The Washington Post (6/1, Mcginley) also reports the guidelines have been “long-awaited,” and adds that data show the average American consumes about 3,400 milligrams of salt daily. According to the FDA, if the industry adopts the guidelines, this “would help reduce that level to about 3,000 mg per day in two years, and 2,300 mg in a decade.”
The guidelines are voluntary, the goal “is to persuade companies and restaurants – many of which have already lowered sodium levels in their products – to take a more consistent approach.”
In a statement applauding the FDA’s guidelines, AMA President Steven J. Stack, MD, said “we believe that reducing overall sodium intake will help rein in high blood pressure and help prevent the devastating consequences of heart disease—currently affecting millions of Americans. But today’s action is only a first step. With most dietary sodium added by food processors and restaurants, even highly-motivated individuals find it difficult to reduce their sodium intake.”

The evidence that increased salt harms people is not as clear-cut as the recommendations would suggest. There correlation between increased salt intake and high blood pressure is not universal, nor is it based on any adequate studies involving people. A recent study showed “In older adults, food frequency questionnaire–assessed sodium intake was not associated with 10-year mortality, incident CVD, or incident HF, and consuming greater than 2300 mg/d of sodium was associated with nonsignificantly higher mortality in adjusted models“(Kalogeropoulos AP, Georgiopoulou VV, Murphy RA, et al. Dietary Sodium Content, Mortality, and Risk for Cardiovascular Events in Older Adults: The Health, Aging, and Body Composition (Health ABC) Study. JAMA Intern Med. 2015;175(3):410-419. doi:10.1001/jamainternmed.2014.6278.)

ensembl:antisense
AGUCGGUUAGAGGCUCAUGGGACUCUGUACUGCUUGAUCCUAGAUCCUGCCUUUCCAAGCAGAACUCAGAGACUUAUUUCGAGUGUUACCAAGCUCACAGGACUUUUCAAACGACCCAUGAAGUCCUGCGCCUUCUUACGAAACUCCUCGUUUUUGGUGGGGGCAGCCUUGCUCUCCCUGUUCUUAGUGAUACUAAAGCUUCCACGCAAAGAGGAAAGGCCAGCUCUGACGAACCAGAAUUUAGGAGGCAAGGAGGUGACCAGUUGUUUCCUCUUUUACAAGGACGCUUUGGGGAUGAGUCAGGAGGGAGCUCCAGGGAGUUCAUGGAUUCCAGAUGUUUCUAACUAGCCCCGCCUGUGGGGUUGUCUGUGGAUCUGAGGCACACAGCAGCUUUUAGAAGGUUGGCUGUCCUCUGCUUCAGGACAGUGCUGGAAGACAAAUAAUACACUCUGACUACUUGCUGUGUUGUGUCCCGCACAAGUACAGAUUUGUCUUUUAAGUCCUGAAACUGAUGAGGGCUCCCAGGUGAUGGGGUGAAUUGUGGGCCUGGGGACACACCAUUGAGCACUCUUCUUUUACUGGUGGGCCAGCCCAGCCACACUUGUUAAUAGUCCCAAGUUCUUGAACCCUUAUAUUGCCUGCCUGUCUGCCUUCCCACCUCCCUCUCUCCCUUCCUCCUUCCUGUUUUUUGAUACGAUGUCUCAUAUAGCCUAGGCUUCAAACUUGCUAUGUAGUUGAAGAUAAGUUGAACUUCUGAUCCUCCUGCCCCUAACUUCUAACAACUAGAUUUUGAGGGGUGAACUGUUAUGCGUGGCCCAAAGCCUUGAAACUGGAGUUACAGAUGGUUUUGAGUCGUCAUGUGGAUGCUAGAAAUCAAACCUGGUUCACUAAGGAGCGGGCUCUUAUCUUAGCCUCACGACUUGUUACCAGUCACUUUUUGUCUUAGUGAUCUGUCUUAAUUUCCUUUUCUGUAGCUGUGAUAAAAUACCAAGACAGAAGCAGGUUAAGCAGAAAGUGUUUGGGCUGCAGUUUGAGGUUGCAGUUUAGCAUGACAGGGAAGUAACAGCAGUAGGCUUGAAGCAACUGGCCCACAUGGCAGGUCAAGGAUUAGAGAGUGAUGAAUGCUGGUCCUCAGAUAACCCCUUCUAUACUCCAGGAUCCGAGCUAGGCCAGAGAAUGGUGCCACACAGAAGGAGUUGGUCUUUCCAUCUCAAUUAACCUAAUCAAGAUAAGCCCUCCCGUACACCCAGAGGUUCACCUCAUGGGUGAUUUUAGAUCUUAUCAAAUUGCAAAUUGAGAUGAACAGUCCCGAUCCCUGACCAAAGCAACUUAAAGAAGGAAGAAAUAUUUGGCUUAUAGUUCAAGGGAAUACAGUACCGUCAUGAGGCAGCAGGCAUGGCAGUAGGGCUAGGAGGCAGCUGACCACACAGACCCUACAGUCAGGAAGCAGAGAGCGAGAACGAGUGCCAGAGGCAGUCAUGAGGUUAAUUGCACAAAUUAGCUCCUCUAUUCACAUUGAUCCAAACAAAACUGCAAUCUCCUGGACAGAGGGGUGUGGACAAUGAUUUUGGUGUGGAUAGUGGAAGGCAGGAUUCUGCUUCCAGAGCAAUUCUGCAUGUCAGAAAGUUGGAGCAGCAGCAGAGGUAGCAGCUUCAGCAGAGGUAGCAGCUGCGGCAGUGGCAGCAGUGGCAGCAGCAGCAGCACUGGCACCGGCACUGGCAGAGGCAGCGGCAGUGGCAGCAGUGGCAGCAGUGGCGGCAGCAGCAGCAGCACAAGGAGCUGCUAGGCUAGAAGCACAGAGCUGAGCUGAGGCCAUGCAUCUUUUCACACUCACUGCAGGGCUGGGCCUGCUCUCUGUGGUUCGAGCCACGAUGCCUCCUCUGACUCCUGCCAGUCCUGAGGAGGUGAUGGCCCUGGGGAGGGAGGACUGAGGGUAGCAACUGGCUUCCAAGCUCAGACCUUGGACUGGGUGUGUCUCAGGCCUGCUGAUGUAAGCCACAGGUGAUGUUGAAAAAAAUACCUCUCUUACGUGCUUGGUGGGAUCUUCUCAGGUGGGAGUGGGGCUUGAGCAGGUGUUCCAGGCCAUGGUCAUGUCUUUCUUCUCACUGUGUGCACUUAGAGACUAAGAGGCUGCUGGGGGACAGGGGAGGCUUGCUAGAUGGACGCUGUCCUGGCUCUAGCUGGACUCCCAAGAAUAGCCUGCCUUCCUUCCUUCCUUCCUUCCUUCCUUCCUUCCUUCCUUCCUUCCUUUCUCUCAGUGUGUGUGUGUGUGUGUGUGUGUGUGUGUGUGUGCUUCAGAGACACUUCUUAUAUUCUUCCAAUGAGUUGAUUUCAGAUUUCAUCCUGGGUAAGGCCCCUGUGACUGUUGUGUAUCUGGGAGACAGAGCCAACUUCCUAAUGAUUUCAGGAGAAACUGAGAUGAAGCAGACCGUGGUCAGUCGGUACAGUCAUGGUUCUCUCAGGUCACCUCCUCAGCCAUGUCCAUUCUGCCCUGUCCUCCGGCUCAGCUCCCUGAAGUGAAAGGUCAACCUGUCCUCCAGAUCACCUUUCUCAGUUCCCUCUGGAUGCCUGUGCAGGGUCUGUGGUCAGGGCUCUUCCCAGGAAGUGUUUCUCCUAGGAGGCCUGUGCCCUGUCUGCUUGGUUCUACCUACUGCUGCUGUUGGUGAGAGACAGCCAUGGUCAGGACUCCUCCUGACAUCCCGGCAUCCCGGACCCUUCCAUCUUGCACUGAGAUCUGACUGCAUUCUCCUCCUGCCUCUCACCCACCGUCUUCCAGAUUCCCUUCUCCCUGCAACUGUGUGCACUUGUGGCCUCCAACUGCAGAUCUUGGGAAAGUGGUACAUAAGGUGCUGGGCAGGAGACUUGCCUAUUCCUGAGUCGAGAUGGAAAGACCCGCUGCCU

Teen Birthrate Falls to Record Low – CDC

The teen birth rate fell eight percent in 2015, another record low. This has been part of an ongoing trend: the teens giving  birth has been falling since 1991, down 46% in the last eight years.  Reasons cited include more consistent use of contraceptives, possible less teen sex (why don’t I believe this one), and peer influence.  The study does not include teen age pregnancy, just births. Do you think it is because the back-seats of Chevy’s just aren’t as comfortable?

CTE research moves forward despite lack of funds from NFL
In a not-so-shocking move the NFL attempted to restrict research about brain disease and concussions. The AP (6/1, Golen) reports, “researchers are moving ahead with efforts to develop a diagnostic test for chronic traumatic encephalopathy – even without the NFL’s help.” Researchers gathered on Wednesday at the Boston University School of Medicine “for the start of a seven-year, $16 million research project designed to find a test for CTE and identify its risk factors.” The DIAGNOSE CTE project “had originally been set to receive money that the NFL earmarked for concussion research” but the league’s “complaints about Boston University researchers led the National Institutes of Health to pay for it with other funds.”